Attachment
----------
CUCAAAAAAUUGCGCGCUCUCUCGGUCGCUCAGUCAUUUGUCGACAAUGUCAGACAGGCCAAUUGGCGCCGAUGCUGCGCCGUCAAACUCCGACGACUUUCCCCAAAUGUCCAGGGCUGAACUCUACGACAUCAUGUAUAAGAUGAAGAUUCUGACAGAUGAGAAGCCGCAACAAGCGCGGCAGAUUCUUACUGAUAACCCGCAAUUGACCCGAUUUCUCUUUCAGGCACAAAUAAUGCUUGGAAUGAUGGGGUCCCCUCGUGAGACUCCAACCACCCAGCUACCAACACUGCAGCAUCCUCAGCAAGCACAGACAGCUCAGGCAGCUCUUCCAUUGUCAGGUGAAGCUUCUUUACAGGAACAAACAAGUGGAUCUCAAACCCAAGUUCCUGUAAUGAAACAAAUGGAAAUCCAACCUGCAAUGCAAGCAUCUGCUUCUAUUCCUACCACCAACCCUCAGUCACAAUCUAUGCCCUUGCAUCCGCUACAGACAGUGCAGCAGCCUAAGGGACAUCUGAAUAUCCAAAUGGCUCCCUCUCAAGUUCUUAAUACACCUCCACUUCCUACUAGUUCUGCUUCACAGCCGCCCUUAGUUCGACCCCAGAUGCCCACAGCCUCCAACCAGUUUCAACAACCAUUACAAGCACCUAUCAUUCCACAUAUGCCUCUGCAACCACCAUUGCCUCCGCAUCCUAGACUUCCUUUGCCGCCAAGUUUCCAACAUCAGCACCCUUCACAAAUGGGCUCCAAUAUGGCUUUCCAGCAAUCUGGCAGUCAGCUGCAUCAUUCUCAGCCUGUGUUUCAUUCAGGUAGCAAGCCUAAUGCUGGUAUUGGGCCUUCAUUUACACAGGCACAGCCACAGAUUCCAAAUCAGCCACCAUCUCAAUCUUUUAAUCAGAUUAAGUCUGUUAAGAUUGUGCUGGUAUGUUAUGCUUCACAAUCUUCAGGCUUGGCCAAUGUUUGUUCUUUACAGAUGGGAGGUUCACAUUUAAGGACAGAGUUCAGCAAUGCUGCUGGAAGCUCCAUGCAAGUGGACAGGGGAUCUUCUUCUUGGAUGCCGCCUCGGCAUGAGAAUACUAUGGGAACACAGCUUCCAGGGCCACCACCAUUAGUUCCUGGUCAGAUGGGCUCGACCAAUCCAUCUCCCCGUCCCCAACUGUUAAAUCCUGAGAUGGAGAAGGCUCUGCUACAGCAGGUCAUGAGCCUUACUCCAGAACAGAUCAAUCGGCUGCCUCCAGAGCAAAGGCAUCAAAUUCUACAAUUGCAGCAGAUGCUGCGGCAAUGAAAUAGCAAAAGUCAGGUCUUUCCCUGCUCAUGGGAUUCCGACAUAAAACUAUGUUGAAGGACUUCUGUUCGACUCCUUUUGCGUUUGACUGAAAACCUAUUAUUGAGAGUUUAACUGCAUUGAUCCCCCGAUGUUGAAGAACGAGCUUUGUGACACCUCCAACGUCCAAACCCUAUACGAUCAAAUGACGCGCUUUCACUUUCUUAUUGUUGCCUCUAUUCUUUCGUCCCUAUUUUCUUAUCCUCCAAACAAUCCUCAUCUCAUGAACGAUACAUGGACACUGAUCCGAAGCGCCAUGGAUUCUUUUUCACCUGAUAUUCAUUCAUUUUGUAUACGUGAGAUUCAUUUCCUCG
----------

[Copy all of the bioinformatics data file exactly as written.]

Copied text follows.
CUCAAAAAAUUGCGCGCUCUCUCGGUCGCUCAGUCAUUUGUCGACAAUGUCAGACAGGCCAAUUGGCGCCGAUGCUGCGCCGUCAAACUCCGACGACUUUCCCCAAAUGUCCAGGGCUGAACUCUACGACAUCAUGUAUAAGAUGAAGAUUCUGACAGAUGAGAAGCCGCAACAAGCGCGGCAGAUUCUUACUGAUAACCCGCAAUUGACCCGAUUUCUCUUUCAGGCACAAAUAAUGCUUGGAAUGAUGGGGUCCCCUCGUGAGACUCCAACCACCCAGCUACCAACACUGCAGCAUCCUCAGCAAGCACAGACAGCUCAGGCAGCUCUUCCAUUGUCAGGUGAAGCUUCUUUACAGGAACAAACAAGUGGAUCUCAAACCCAAGUUCCUGUAAUGAAACAAAUGGAAAUCCAACCUGCAAUGCAAGCAUCUGCUUCUAUUCCUACCACCAACCCUCAGUCACAAUCUAUGCCCUUGCAUCCGCUACAGACAGUGCAGCAGCCUAAGGGACAUCUGAAUAUCCAAAUGGCUCCCUCUCAAGUUCUUAAUACACCUCCACUUCCUACUAGUUCUGCUUCACAGCCGCCCUUAGUUCGACCCCAGAUGCCCACAGCCUCCAACCAGUUUCAACAACCAUUACAAGCACCUAUCAUUCCACAUAUGCCUCUGCAACCACCAUUGCCUCCGCAUCCUAGACUUCCUUUGCCGCCAAGUUUCCAACAUCAGCACCCUUCACAAAUGGGCUCCAAUAUGGCUUUCCAGCAAUCUGGCAGUCAGCUGCAUCAUUCUCAGCCUGUGUUUCAUUCAGGUAGCAAGCCUAAUGCUGGUAUUGGGCCUUCAUUUACACAGGCACAGCCACAGAUUCCAAAUCAGCCACCAUCUCAAUCUUUUAAUCAGAUUAAGUCUGUUAAGAUUGUGCUGGUAUGUUAUGCUUCACAAUCUUCAGGCUUGGCCAAUGUUUGUUCUUUACAGAUGGGAGGUUCACAUUUAAGGACAGAGUUCAGCAAUGCUGCUGGAAGCUCCAUGCAAGUGGACAGGGGAUCUUCUUCUUGGAUGCCGCCUCGGCAUGAGAAUACUAUGGGAACACAGCUUCCAGGGCCACCACCAUUAGUUCCUGGUCAGAUGGGCUCGACCAAUCCAUCUCCCCGUCCCCAACUGUUAAAUCCUGAGAUGGAGAAGGCUCUGCUACAGCAGGUCAUGAGCCUUACUCCAGAACAGAUCAAUCGGCUGCCUCCAGAGCAAAGGCAUCAAAUUCUACAAUUGCAGCAGAUGCUGCGGCAAUGAAAUAGCAAAAGUCAGGUCUUUCCCUGCUCAUGGGAUUCCGACAUAAAACUAUGUUGAAGGACUUCUGUUCGACUCCUUUUGCGUUUGACUGAAAACCUAUUAUUGAGAGUUUAACUGCAUUGAUCCCCCGAUGUUGAAGAACGAGCUUUGUGACACCUCCAACGUCCAAACCCUAUACGAUCAAAUGACGCGCUUUCACUUUCUUAUUGUUGCCUCUAUUCUUUCGUCCCUAUUUUCUUAUCCUCCAAACAAUCCUCAUCUCAUGAACGAUACAUGGACACUGAUCCGAAGCGCCAUGGAUUCUUUUUCACCUGAUAUUCAUUCAUUUUGUAUACGUGAGAUUCAUUUCCUCG